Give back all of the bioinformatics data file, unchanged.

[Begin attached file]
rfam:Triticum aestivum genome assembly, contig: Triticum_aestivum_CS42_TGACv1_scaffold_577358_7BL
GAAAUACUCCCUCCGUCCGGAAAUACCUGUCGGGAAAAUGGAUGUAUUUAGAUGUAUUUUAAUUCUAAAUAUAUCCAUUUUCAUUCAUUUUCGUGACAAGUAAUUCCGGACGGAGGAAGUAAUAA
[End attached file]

rfam:Triticum aestivum genome assembly, contig: Triticum_aestivum_CS42_TGACv1_scaffold_577358_7BL
GAAAUACUCCCUCCGUCCGGAAAUACCUGUCGGGAAAAUGGAUGUAUUUAGAUGUAUUUUAAUUCUAAAUAUAUCCAUUUUCAUUCAUUUUCGUGACAAGUAAUUCCGGACGGAGGAAGUAAUAA